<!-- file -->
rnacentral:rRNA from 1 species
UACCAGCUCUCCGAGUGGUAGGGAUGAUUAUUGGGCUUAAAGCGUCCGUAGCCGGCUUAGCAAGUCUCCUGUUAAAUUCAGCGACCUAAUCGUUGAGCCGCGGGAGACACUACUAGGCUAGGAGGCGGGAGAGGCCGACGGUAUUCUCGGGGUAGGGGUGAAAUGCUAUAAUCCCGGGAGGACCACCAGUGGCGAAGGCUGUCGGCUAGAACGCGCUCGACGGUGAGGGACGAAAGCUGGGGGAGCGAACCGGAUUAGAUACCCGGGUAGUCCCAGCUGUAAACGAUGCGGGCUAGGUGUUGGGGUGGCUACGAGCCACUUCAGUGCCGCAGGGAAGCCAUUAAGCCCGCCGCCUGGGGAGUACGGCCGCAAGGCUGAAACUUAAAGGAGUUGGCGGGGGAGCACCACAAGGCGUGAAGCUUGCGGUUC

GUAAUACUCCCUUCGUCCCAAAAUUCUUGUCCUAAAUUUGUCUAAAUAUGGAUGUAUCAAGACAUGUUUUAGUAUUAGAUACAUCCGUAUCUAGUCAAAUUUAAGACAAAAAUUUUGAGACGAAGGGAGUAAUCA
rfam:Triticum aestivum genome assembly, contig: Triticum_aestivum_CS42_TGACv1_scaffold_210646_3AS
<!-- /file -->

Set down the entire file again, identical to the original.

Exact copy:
rnacentral:rRNA from 1 species
UACCAGCUCUCCGAGUGGUAGGGAUGAUUAUUGGGCUUAAAGCGUCCGUAGCCGGCUUAGCAAGUCUCCUGUUAAAUUCAGCGACCUAAUCGUUGAGCCGCGGGAGACACUACUAGGCUAGGAGGCGGGAGAGGCCGACGGUAUUCUCGGGGUAGGGGUGAAAUGCUAUAAUCCCGGGAGGACCACCAGUGGCGAAGGCUGUCGGCUAGAACGCGCUCGACGGUGAGGGACGAAAGCUGGGGGAGCGAACCGGAUUAGAUACCCGGGUAGUCCCAGCUGUAAACGAUGCGGGCUAGGUGUUGGGGUGGCUACGAGCCACUUCAGUGCCGCAGGGAAGCCAUUAAGCCCGCCGCCUGGGGAGUACGGCCGCAAGGCUGAAACUUAAAGGAGUUGGCGGGGGAGCACCACAAGGCGUGAAGCUUGCGGUUC

GUAAUACUCCCUUCGUCCCAAAAUUCUUGUCCUAAAUUUGUCUAAAUAUGGAUGUAUCAAGACAUGUUUUAGUAUUAGAUACAUCCGUAUCUAGUCAAAUUUAAGACAAAAAUUUUGAGACGAAGGGAGUAAUCA
rfam:Triticum aestivum genome assembly, contig: Triticum_aestivum_CS42_TGACv1_scaffold_210646_3AS